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Old December 19th, 2011, 07:26 AM   #341
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Hong Kong-Zhuhai-Macao Bridge infrastructure projects in Hong Kong commenced
Wednesday, December 14, 2011
Government Press Release

The Chief Executive, Mr Donald Tsang, officiated at the launching ceremony of the Hong Kong-Zhuhai-Macao Bridge (HZMB) Hong Kong Boundary Crossing Facilities (HKBCF) today (December 14). The launch of the project signifies a significant step toward further economic integration and development among Hong Kong, the Western Pearl River Delta and Macao.

"The HZMB is the first major cross-boundary infrastructure project jointly undertaken by Guangdong, Hong Kong and Macao. With the active participation and involvement of the three governments, a consensus was reached on construction, financing and operation of the project beneficial to all the concerned parties. It is a fine example of co-operation of the three places," Mr Tsang said.

"Upon commissioning, the HZMB will usher in a new era of traffic connections between Hong Kong and the Mainland. The Western Pearl River Delta will fall within a reachable three-hour commuting radius of Hong Kong. This will provide impetus to Hong Kong's long-term economic development and bring new opportunities to various sectors of Hong Kong, including the tourism, financial, trading, commercial and logistics industries."

Implementation of the works of the HZMB in Hong Kong will create many job opportunities. The works that have already obtained funding support from the Legislative Council will create more than 14 000 jobs. The works for the HKBCF commencing today will create about 9 290 jobs, including about 1 410 professional and technical staff and 7 880 labourers.

The HKBCF artificial island, covering some 150 hectares, will be located at the north-eastern waters off Hong Kong International Airport (HKIA). Being the gateway to the Hong Kong Special Administrative Region by the HZMB, it will provide efficient and convenient services to inbound and outbound passengers and vehicles.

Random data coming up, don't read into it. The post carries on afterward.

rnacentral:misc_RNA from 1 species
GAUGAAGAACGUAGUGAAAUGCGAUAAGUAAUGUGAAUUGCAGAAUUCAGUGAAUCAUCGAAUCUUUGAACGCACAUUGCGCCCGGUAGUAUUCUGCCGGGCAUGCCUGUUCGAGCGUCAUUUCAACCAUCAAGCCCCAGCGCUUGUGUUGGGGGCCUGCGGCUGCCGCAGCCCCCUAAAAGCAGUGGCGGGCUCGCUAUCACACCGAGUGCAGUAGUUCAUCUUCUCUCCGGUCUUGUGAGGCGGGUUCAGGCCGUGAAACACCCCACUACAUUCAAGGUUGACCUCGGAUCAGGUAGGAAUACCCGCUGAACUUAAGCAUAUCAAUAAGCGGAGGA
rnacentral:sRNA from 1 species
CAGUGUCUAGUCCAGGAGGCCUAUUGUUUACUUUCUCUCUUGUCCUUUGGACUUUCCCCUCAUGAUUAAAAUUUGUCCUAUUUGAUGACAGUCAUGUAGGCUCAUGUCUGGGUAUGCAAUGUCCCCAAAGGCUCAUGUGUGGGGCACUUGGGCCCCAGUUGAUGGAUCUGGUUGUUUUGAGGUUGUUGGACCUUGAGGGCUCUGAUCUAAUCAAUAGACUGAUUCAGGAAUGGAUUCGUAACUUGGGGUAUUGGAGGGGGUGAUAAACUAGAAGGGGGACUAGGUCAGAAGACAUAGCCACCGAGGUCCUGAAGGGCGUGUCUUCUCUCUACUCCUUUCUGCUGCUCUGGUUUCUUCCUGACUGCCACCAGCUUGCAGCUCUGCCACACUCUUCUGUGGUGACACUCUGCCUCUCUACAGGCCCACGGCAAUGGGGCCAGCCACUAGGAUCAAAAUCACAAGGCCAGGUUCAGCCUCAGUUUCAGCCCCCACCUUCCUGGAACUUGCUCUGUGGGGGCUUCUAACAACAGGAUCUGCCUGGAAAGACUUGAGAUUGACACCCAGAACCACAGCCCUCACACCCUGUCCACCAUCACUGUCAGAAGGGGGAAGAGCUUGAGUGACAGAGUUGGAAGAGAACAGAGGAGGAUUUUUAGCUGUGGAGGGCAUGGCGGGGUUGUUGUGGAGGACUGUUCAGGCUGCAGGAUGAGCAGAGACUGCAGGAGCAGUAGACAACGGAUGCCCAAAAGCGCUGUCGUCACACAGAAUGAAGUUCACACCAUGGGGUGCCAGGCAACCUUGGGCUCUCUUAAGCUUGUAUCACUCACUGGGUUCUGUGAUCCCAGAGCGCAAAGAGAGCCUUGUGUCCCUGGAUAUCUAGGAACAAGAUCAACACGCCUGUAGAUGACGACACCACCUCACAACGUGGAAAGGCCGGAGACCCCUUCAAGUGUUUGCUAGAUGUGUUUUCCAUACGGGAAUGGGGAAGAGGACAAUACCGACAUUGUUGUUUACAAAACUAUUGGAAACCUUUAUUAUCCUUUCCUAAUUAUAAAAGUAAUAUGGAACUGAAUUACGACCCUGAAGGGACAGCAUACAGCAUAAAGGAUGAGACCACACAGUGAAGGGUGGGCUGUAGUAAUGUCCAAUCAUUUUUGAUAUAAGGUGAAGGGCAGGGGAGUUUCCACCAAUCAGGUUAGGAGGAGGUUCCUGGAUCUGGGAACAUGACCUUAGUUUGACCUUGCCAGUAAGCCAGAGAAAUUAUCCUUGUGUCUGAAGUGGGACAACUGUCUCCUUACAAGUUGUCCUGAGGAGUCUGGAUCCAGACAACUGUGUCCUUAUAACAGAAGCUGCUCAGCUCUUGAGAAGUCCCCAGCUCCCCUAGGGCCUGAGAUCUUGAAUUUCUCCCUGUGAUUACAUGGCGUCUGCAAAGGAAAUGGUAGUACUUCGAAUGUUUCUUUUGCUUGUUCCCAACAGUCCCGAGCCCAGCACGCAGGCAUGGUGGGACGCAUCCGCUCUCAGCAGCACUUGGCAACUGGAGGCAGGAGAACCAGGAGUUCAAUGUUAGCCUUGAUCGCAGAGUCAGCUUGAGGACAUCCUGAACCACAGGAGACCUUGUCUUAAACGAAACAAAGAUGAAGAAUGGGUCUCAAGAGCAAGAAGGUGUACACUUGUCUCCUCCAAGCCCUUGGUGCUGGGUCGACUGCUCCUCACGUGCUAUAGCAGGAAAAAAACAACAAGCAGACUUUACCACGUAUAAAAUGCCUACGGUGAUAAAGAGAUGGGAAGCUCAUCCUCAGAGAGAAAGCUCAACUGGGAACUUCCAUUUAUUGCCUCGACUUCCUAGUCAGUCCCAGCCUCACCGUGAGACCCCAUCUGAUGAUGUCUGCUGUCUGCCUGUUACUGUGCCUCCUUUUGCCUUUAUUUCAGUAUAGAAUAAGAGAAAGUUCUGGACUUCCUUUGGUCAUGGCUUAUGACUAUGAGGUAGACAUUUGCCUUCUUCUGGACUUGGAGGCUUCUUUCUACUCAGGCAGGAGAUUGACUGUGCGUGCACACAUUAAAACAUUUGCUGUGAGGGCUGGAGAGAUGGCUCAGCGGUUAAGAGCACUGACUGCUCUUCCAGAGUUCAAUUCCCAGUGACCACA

The HKBCF will be equipped with a comprehensive road system connecting HKIA and Tung Chung New Town, and will also be linked to a strategic road network leading to the Northwest New Territories and other areas of Hong Kong, making the HKBCF a strategic multi-modal transportation hub for Hong Kong, Zhuhai and Macao.

In addition, to minimise the environmental impact of the reclamation, a non-dredging seawall construction method will be used for the first time in Hong Kong for the HKBCF reclamation works. The method will make it unnecessary to dredge the soft marine mud in the seabed before backfilling. Instead, interlocked large-diameter steel cells, to be backfilled with inert construction and demolition materials, will be sunk, penetrating through the marine mud and resting on the underlying firmer alluvium to form the perimeter seawall. Reclamation works could thus be carried out at the centre.

This innovative reclamation method can avoid large-scale dredging and disposal of marine deposits. As a result, the release of marine suspended solids and disruption to marine traffic will be minimised.

The Chief Executive added that although the HZMB local projects had been delayed by almost a year because of judicial review, the Government would compress the work schedule through adjustment of construction methods and deployment of additional manpower and machinery.

The Government is confident that the works will be completed as scheduled to meet the target of commissioning the HZMB Main Bridge in 2016.
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Old December 23rd, 2011, 06:16 PM   #342
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Bridge en route as work starts on new island
The Standard
Thursday, December 15, 2011

The bridge project linking Hong Kong, Macau and Zhuhai reached an early milestone yesterday with construction starting on a 150-hectare artificial island near the airport.

The Hong Kong section of the project was delayed for a year by a legal challenge over its environmental impact. The artificial island will be built in the waters northeast of Hong Kong International Airport to house the Hong Kong Boundary Crossing Facilities of the 30-kilometer Hong Kong-Zhuhai-Macau Bridge.

Chief Executive Donald Tsang Yam-kuen said work will be speeded up to ensure the project is completed by 2016. Given the delay, the government will amend construction methods and use additional machinery and manpower.

"Construction of the bridge not only will reduce transportation time and cost for travelers and goods on roads, through its connection, the western Pearl River Delta will fall within a reachable three-hour commuting radius of Hong Kong," Tsang said.

The boundary crossing facilities will be located next to the airport and Tung Chung. It will connect Zhuhai and Macau via the Hong Kong Link Road and main bridge.

Sun Ziyu, president of China Harbour Engineering Co, which is responsible for the reclamation works, said potential challenges include the size of the project and the time to complete the job.

"Because it's near Hong Kong International Airport, we cannot only think about our work, [but] flights, airlines and security are top priorities," Sun said.

A non-dredge seawall construction method is being used to build the island, meaning soft marine mud on the seabed is not removed. So the amount of marine mud to be disposed of is reduced by 97 percent.